Law Helping Terri Schiavo Could be Overturned Thanks to Court Decision

Bioethics   |   Steven Ertelt   |   Apr 24, 2004   |   9:00AM   |   WASHINGTON, DC

Law Helping Terri Schiavo Could be Overturned Thanks to Court Decision

by Steven Ertelt Editor
April 24, 2004

Lakeland, FL ( — A Florida appeals court decision could pave the way to declaring Terri’s Law unconstitutional. On Friday, the Second District Court of Appeals affirmed Douglas Baird’s decision to keep the lawsuit filed by Terri’s estranged husband Michael in his court.

The decision sets the stage for Judge Baird to issue a ruling on the law that allowed Governor Jeb Bush to ask doctors to reinsert Terri’s feeding tube, preventing Michael from taking her life. Judge Baird has already said that Terri’s law is "presumptively unconstitutional."

"Today’s action by the Second District Court of Appeals paves the way for Judge Baird to summarily pass judgment that Terri’s Law is unconstitutional," said Pamela Hennessy, a representative of Terri’s family.

Attorneys for Governor Bush had argued that the lawsuit should have been filed in Tallahassee, the state capital, since Bush is the defendant. They also said the governor had not been properly served with the lawsuit.

As expected, the appeals court said that the governor’s legal team should have raised those issues in an emergency hearing with a judge shortly after the lawsuit was filed.

Camille Godwin, a Bush attorney, told the Associated Press that she was not surprised by the appeals court’s decision.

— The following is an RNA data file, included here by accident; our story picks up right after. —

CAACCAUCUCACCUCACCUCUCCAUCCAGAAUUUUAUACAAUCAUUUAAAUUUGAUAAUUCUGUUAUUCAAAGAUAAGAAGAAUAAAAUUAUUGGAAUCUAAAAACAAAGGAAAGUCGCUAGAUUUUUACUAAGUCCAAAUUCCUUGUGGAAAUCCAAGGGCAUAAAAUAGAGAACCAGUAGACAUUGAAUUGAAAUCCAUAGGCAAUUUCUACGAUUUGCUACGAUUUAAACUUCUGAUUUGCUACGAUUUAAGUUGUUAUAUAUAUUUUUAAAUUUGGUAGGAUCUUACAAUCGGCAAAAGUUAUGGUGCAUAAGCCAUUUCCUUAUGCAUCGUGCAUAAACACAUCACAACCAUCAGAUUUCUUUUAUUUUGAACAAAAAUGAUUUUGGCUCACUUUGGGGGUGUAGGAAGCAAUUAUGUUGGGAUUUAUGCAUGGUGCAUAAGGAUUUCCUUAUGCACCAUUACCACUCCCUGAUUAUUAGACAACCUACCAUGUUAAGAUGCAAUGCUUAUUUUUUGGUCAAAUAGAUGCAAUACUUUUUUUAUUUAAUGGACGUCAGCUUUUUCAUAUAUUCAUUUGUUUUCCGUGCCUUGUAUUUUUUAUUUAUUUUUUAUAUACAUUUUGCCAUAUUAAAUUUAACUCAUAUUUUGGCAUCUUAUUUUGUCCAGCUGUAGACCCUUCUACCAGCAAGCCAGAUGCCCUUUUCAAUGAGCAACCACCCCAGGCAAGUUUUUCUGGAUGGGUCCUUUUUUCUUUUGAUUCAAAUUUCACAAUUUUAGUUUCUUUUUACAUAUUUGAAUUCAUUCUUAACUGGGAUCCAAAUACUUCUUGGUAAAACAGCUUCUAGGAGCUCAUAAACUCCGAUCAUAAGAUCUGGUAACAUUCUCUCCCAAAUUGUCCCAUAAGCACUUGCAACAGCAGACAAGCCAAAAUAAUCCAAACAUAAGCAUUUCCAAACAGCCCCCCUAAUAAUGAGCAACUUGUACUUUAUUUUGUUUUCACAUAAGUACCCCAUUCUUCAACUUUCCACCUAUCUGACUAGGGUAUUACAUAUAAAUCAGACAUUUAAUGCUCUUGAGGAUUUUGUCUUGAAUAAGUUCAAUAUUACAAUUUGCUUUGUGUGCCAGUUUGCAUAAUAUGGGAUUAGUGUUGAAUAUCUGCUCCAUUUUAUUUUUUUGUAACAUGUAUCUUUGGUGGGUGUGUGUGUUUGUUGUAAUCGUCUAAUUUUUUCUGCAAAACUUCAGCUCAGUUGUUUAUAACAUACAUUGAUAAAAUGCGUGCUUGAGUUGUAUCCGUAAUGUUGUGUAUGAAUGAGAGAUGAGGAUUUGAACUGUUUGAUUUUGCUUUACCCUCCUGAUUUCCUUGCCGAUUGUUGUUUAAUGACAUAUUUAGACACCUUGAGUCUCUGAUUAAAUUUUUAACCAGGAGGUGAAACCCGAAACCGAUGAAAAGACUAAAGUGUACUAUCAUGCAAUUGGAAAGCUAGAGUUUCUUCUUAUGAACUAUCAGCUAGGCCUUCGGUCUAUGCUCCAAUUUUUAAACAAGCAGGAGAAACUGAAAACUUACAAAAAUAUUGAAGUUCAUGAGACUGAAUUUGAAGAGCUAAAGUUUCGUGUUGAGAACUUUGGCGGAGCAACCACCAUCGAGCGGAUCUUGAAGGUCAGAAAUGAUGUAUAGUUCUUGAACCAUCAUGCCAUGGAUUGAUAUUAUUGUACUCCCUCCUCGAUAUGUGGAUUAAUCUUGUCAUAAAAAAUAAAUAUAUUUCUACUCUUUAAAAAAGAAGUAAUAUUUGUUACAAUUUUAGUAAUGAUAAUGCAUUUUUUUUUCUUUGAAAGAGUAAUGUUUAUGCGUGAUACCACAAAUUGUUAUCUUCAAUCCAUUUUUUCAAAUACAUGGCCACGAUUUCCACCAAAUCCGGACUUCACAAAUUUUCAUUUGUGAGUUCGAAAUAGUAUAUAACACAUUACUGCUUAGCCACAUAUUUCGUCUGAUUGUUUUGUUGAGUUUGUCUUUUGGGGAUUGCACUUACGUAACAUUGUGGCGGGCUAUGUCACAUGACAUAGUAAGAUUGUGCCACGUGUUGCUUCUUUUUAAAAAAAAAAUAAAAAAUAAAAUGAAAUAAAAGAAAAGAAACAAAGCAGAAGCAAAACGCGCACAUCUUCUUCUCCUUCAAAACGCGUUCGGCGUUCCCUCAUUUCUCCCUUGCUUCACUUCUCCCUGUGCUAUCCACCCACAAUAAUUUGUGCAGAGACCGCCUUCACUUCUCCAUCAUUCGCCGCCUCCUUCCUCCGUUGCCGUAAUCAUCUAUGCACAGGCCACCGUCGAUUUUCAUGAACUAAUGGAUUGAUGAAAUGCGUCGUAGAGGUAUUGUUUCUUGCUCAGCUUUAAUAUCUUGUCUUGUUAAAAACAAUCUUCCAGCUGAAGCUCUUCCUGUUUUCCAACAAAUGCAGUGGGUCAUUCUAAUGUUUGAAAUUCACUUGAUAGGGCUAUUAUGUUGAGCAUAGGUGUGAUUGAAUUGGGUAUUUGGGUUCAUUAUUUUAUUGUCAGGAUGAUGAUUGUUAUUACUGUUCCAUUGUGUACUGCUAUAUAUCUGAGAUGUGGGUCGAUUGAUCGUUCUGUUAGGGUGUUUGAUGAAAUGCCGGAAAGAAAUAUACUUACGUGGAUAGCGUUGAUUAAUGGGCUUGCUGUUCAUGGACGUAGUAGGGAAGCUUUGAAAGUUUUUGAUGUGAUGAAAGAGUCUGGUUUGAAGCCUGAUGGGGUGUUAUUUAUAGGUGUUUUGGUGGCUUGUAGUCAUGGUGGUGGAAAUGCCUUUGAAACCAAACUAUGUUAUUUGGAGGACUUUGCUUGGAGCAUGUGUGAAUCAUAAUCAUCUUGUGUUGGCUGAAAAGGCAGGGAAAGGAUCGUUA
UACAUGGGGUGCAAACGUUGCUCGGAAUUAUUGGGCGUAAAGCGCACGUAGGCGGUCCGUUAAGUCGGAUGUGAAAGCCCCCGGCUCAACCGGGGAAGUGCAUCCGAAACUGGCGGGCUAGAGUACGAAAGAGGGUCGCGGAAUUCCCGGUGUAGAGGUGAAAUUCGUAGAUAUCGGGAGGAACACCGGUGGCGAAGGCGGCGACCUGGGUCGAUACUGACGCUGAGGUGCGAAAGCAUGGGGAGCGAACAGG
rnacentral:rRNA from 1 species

"We had a good-faith basis to appeal and we certainly tried," she said.

George Felos, the assisted suicide advocate who is Michael’s attorney, has asked Baird to issue a summary judgment ruling throwing out the law.

Howard Simon, executive director of the American Civil Liberties Union of Florida, which is assisting Felos in the case, applauded the decision. Simon said Bush is "running out of delaying tactics."

Meanwhile, Bush attorneys are hoping Baird will let them depose witnesses in an attempt to defend the law.

Bush attorney Ken Connor, former president of the pro-life Family Research Council, says establishing that Terri would not have wanted to be killed is important to defending Terri’s Law. Questioning witnesses, including Terri’s younger brother Bobby, Michael and the woman with whom Michael is living, could help their case.

Michael claimed — years after Terri’s collapse and only after their estate was awarded a $1 million medical malpractice judgment — that he remembered a supposed conversation where Terri indicated she didn’t want extra measures taken to prolong her life.

However, a good friend of Terri’s vividly remembers watching a television program with Terri about a woman who was in a coma for years. Terri was upset when she told a joke about the woman and said there was no way doctors or lawyers could know the woman’s wishes.

"Where there is life, there is hope," Terri told her friend.

The money was supposed to be used to take care of Terri, but much of it has been used for Michael’s legal bills and her parents say Terri has never received appropriate medical care or rehabilitative therapy.

If Baird rules the law unconstitutional, Michael will be able to remove her feeding tube for a third time, possibly causing her death.

Related web sites:
Appeals court ruling –,%202004/2D03-5123.pdf
Terri Schiavo’s family –